Structuring a 2D Fighter

Hey, and thanks for reading in advance.

I’m getting the framework ready for a 2D fighting game I plan to devote more time to in the future (it’ll be easier to work on if the basics are already there). I know games like this are rare on the platform, but I decided to try my hand at one anyway. That said, there are a couple code-design issues I want to iron out before I start doing anything substantial.

  1. These games need to be extremely responsive - this means the server involvement is minimal at best. When a player connects an attack, the other player has to be stunned and incapable of moving for a finite amount of frames. Should I have the client manage the states of the other player (I.E. forcibly playing hitstun animations and immobilizing them) and simply have the other client repeat the same procedures on itself? Should I have the server tell the other player to enter a stunned state?

  2. I don’t typically have trouble with hit detection, but in many 2D fighters under the hood, each character has predefined areas on their body (hurtboxes, hurtcircles) that control where they can legally connect with an attack. These areas can often be moved, disabled, resized, or removed outright depending on the current state of each player. Could I even replicate this behavior without the server being a bottleneck?

  3. I know any design for a game like this would mandate extremely poor server-side security for the sake of performance, but is there any way to soften the blow from the inevitable wave of cheating in a game like this?

This is risky to do without server-side simulation or checks due to exploiters, and since this game style would be otherwise pretty much impervious to exploits, it would be a shame to open up basically the entire combat framework to exploits. What you’re looking for here is lag compensation. Here and here are great articles on it from valve. I think a combination of client-sided movement prediction and latency compensation for hits would make the game smooth while having minimal hitreg issues from the client’s perspective. My game prototype currently uses PlayerPing to do this, which has turned out to be extremely precise from experience, and is supposedly very secure and exploit-proof.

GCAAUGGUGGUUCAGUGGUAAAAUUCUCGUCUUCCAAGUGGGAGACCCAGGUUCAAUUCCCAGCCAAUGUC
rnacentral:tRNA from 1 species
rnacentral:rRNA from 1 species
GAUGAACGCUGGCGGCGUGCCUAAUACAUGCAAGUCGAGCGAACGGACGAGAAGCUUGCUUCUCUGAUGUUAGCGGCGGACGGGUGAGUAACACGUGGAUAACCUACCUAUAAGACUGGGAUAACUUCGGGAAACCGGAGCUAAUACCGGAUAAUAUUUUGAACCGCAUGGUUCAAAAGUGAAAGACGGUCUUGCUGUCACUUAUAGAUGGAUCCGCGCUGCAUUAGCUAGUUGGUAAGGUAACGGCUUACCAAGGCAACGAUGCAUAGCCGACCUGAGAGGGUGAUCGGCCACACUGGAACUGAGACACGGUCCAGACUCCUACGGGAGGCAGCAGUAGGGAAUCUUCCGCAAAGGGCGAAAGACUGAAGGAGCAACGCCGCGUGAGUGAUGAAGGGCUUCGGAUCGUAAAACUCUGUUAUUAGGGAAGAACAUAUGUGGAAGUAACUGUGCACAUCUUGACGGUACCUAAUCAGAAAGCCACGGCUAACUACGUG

I think servers are more powerful than you give them credit for. The server shouldn’t be a bottleneck at all, especially if you’re using simplified hitboxes instead of exact geometry for hit detection. Basically every game with damage or collisions in it needs a hitbox system, and they don’t have lag issues due to hitboxes.

If you simulate the hit events on the server (which should take a really tiny amt of time anyways), then it shouldn’t be exploitable other than the client sending wrong hit types or new hits or when they shouldn’t, which can be checked fairly quickly (if they could physically make the hit, if the cooldown has passed, can they make that move, does it match up with server simulation, etc).

I see.

I don’t underestimate what the server can do, but I definitely think it’s not the fastest at actually, well, doing. Even a single frame can spell the difference between a loss and a win in a fighter, so I’m curious if real-world online fighting games use a similar model to the one you described.

So, what should ideally happen if I want to maximize responsiveness and player feedback? Should they throw a punch, the server validates that the punch hits, and then corresponding SFX/VFX occur alongside hitstun? Should the effects happen immediately and the only thing the server validates for is damage and hitstun?

I also suppose that - for lack of a third axis - I could somehow use Vector2s in hit detection, but I’m not sure what functionality that data type has (can you even create a Vector2 region)?

Everything the client does should be visually simulated on the client to give them instant feedback of course. You’re right to assume that server latency would be a problem for your game (the resources I posted should help with that), but some things must be calculated on the server to make the game secure (the actual processing time of the server shouldn’t be a problem for most games): I was only saying that the actual hit and the damage applied (the stuff that gets replicated to the opponent’s client) should be server-sided. You could make everything 2d while keeping the 3d look if you compressed all the hitboxes etc down to one plane, but I think keeping it all in 3d is easier and would probably be more accurate too (performance shouldnt be a problem).

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how is this going, any progress?

  1. do serverside checks!!!
  2. do serverside checks!!!
  3. do serverside checks!!!